python score_images.py \
  --input-glob 'tick.jpg' \
  --target-class tick \
  --do-graphfile

tick graph

Want to see more graphs? Try all keras imagenet models (currently 18):

python score_images.py \
  --input-glob 'tick.jpg' \
  --target-class tick \
  --networks all \
  --do-graphfile

tick graph with more networks

Planning System

Let's get started by drawing a birdhouse.

python plan_image.py \
  --outdir outputs/birdhouse_1060 \
  --target-class birdhouse \
  --random-seed 1060 \
  --renderer lines1 \
  --num-lines 30

This optimizes a drawing to trigger a label of 'birdhouse' on a default set of four ImageNet models. After several iterations, there will program will end and save a parameter file best.npy in the output directory along with a preview called best.png.

birdhouse1

You can run it a few times changing the outdir and random-seed to get different results.

birdhouse2 birdhouse3

When you get one you like, you can use the render_images.py script to redraw it at higher resolution.

python render_images.py \
  --input-glob 'outputs/birdhouse_1080/best.npy' \
  --outbase best_1920.jpg \
  --renderer lines1 \
  --size 1920

best_960

Here we use input-glob to provide the inputs (wildcards are allowed), and instead of outfile we use outbase which saves the named file in the same directory location as the input file.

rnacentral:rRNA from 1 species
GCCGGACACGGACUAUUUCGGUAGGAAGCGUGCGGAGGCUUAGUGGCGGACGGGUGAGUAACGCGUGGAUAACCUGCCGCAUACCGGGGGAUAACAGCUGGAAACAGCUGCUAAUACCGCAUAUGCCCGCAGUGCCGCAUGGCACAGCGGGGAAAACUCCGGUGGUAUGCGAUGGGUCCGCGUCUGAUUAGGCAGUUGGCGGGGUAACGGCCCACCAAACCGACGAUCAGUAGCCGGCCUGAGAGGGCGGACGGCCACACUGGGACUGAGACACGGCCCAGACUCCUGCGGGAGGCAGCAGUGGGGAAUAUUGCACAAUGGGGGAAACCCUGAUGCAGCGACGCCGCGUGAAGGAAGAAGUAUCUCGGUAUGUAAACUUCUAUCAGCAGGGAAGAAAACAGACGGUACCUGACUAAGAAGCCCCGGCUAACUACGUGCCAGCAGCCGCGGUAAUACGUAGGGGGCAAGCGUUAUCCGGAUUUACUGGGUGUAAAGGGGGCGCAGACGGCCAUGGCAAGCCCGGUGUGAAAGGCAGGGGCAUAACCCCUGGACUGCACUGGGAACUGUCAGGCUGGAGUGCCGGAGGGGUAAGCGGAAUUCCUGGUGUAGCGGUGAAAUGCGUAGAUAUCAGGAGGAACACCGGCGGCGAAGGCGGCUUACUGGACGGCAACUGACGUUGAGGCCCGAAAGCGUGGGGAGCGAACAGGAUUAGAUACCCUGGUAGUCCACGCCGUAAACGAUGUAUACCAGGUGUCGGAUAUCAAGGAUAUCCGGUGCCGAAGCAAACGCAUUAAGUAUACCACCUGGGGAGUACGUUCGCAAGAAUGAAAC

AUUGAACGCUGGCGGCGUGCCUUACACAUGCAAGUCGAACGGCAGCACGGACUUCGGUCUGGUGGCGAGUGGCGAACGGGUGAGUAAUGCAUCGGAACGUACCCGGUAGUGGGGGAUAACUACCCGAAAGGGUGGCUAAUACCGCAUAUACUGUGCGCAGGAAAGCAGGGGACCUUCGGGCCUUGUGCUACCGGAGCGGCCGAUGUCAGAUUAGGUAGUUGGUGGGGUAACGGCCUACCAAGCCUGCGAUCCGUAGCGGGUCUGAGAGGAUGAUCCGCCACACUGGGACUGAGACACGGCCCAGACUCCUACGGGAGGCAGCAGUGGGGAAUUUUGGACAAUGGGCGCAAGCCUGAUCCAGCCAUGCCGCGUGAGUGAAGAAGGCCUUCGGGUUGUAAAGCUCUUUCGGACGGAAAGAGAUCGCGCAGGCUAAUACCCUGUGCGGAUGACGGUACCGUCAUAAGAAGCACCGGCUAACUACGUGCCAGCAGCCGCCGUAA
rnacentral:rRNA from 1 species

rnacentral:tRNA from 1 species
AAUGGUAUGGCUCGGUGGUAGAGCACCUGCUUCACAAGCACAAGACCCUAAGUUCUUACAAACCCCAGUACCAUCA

How well does this result generalize to other networks? To test that we can run on all ImageNet networks. It's also helpful to highligh the four networks which were used in "training" this image, and that group has the nickname "train1".

python score_images.py \
  --input-glob 'outputs/birdhouse_1080/best_1920.jpg' \
  --train1 train1 \
  --target-class birdhouse \
  --networks all \
  --do-graphfile

graph_best_960

Wow - this result generalizes really well to other network architectures. The first networks in yellow were used to make this image, but all of the other networks also give strong top1 results. But does this result also generalize to other training sets?

If you have google vision and aws credentials setup correctly you can additionaly test this image against their public APIs (and specify the target label). And here we also specify the graphfile-prefix explicitly which changes the output filename.

python score_images.py \
  --input-glob 'outputs/birdhouse_1080/best_1920.jpg' \
  --train1 train1 \
  --networks train1,aws:+birdhouse,goog:+birdhouse \
  --target-class birdhouse \
  --graphfile-prefix graph_apis_ \
  --do-graphfile

graph_apis_best_1920.jpg

The google vision results seem to have nothing to do with birdhouses, just labels for things like illustration and clip art. The amazon rekognition results are also not showing an exact match for birdhouse, though reading the tea leaves we do see there are top5 results for building and the more specific label bird feeder - both of which seem like neighboring concepts.